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Pannonian Celts, Skordoski, Syrmia Region, Kugelwange (Ball Cheek) Type, c. 2nd Century B.C.
This type normally has a prominent raised round (ball) cheek, but on this example the cheek is less prominent than most.
Syrmia is a fertile region of the Pannonian Plain in Europe, between the Danube and Sava rivers. Today, it is divided between Serbia in the east and Croatia in the west.CE85024. Bronze tetradrachm, cf. Göbl OTA 193, Lanz 465; derived from the Macedonian Kingdom tetradrachms of Philip II, VF, bold strike, toned, tight flan, weight 10.015 g, maximum diameter 25.3 mm, die axis 0o, Syrmia mint, c. 2nd century B.C.; obverse devolved laureate head of Zeus right, hair in arcs on both sides of central point, broad laurel wreath; reverse devolved horse trotting left, pellet in circle above; $300.00 SALE PRICE $270.00
Normans, Southern Italy, Anonymous, Dukes of Apulia or Counts of Sicily & Calabria, c. 1060 - 1080 A.D.
This coin is certainly imitative, as it weighs less then 1/3 the weight of the even the lightest official Class B Byzantineanonymous follisForum has handled. Attribution to the Normans in Italy is based on the reputed find location and some similarity to other Byzantine imitatives issued by the Normans in Southern Italy and Sicily.ME73353. Bronze follaro, apparently unpublished, imitative of Class B Byzantineanonymous follis (SBCV 1823, Constantinople, 1028 - 1041); MEC Italy III -, MIR -, et al. -, F, weight 2.163 g, maximum diameter 23.3 mm, die axis 180o, uncertain Italian mint, c. 1060 - 1080 A.D.; obverse facing bust of Christ, wearing nimbus cruciger, pallium, and colobium, holding book of Gospels; reverse IS - XS / bAS-ILE / bAS-ILE (Jesus Christ King of Kings, mostly off flan), Cross on three steps, dividing legend; from a California collector; $195.00 SALE PRICE $176.00
Danubian Celts, 2nd - 1st Century B.C., Imitative of Philip III of Macedonia
Sear describes the obverse of this type as, "Almost plain, though with very faint traces of the hd. of Herakles."CE76351. Silver tetradrachm, CCCBM 195, Lanz 920, Dembski 1479, SGCV I 212, F, toned, light marks, weight 15.118 g, maximum diameter 29.3 mm, tribal mint, 2nd - 1st century B.C.; obverse almost plain, highly degraded head of Herakles right in Nemean lion scalp headdress; reverse crude figure of Zeus seated left, feet on footstool, eagle in extended right hand, long scepter vertical behind in left hand, blundered imitation of a legend on right, I below throne; $160.00 SALE PRICE $144.00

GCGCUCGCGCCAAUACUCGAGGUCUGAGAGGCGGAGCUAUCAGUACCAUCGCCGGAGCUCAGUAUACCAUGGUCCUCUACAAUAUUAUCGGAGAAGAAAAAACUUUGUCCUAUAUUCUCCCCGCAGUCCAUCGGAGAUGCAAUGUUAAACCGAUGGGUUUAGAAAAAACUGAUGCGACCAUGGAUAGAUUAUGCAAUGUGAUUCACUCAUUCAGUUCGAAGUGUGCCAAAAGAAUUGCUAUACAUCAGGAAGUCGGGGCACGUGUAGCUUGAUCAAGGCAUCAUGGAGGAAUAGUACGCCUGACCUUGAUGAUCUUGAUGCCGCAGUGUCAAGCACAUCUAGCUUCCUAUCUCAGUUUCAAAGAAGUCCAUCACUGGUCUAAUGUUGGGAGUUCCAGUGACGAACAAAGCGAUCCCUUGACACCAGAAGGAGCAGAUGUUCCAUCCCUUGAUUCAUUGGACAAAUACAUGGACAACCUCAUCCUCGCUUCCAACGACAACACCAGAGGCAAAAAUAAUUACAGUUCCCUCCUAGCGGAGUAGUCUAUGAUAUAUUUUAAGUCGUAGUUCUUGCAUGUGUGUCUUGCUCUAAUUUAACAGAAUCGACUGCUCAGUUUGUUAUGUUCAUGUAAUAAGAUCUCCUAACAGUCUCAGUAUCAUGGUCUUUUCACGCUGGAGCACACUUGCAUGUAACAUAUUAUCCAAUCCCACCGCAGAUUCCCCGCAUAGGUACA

Crusaders(?), Imitative of Zangids of Syria, c. 1146 - 1200 A.D.,
This coin is a crude imitative of an Islamic fals of the Zangids of Syria, Nur al-Din Mahmud, struck at Halab (Aleppo, Syria), 1146 - 1173 (Spengler-Sayles 73, Album 1850). That type was itself also imitative, copying a Byzantinefollis of Constantine X, struck at Constantinople (Istanbul, Turkey), 1059 - 1067 (DOC III 8, SBCV 1853). The quality of the Zangids fals vary greatly and it can be difficult to distinguish between Halab mint issues and imitatives. This example is very crude and if any can be attributed to the crusaders, this is one.BZ77974. Bronze follis, Malloy Crusaders -; cf. Spengler-Sayles 73 (notes "barbaric" imitations), Album 1850 (notes imitations are perhaps struck by the Crusaders), F, desert patina, tight flan, weight 2.798 g, maximum diameter 22.0 mm, die axis 180o, uncertain mint, c. 1150 - 1200 A.D.; obverse two Byzantinestyle imperial figures (Constantine X and Eudocia) standing facing, supporting between them labarum resting on three steps, EX downward on left, imitation of Kuficlegend inner left; reverse Christ standing facing, nimbate, book of Gospels in left hand, right hand on hip, IC - XC flanking head, blundered imitation of legend around; from the Butte College Foundation, ex Lindgren; $140.00 SALE PRICE $126.00
Sasanian Empire, Khusro II, Occupation of Egypt, 618 - 628 A.D.